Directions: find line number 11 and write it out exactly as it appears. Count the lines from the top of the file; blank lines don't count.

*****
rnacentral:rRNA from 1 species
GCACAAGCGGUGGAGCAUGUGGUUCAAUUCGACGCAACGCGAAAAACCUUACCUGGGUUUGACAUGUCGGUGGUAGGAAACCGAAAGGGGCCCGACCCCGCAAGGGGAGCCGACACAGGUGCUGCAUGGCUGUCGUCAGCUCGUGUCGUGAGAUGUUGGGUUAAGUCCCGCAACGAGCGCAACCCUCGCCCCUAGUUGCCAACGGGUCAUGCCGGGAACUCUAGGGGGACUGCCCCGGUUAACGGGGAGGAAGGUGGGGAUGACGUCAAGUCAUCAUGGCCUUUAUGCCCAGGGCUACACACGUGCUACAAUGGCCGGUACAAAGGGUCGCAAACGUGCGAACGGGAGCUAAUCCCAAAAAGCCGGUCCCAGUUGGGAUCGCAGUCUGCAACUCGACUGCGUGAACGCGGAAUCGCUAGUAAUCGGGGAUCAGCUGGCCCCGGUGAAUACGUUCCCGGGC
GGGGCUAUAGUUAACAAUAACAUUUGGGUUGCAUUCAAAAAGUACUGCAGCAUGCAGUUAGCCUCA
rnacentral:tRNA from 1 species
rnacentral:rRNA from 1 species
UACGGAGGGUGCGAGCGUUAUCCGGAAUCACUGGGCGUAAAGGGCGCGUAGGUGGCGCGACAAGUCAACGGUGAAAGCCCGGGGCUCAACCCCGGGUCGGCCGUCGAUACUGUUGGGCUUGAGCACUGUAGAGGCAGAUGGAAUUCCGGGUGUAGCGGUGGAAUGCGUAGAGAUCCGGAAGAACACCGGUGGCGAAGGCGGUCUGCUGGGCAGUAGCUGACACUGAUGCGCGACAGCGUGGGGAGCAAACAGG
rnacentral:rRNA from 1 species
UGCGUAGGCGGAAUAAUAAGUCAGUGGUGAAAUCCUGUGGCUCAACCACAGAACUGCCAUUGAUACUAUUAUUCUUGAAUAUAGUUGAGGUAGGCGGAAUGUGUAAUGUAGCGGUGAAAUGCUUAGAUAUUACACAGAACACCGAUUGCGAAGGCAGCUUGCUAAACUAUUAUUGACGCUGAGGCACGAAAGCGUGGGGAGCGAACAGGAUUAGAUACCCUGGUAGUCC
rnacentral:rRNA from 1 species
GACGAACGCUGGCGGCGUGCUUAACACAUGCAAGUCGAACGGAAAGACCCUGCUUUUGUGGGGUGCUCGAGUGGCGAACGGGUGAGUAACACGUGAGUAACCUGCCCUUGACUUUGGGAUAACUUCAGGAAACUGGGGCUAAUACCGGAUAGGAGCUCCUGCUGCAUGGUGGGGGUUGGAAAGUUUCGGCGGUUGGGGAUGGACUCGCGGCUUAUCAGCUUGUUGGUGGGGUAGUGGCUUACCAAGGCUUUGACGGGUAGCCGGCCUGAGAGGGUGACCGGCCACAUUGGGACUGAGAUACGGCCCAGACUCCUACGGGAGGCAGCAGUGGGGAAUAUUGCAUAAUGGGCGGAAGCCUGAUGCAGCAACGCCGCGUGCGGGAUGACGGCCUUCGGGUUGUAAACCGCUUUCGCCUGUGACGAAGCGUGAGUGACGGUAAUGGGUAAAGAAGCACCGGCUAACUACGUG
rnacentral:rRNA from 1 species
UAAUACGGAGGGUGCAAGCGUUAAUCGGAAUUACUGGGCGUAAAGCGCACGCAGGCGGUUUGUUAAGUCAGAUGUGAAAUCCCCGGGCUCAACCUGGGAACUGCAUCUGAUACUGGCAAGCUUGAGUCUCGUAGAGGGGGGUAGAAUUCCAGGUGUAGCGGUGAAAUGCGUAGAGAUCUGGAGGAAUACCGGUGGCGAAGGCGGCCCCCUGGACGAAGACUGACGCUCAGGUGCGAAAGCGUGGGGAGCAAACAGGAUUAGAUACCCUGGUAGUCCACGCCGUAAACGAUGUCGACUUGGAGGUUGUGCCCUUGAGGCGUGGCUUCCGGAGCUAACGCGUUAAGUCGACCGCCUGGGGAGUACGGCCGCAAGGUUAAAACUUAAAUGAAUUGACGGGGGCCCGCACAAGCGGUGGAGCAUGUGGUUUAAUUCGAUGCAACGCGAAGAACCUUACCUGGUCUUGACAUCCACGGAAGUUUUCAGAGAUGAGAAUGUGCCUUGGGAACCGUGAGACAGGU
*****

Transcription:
rnacentral:rRNA from 1 species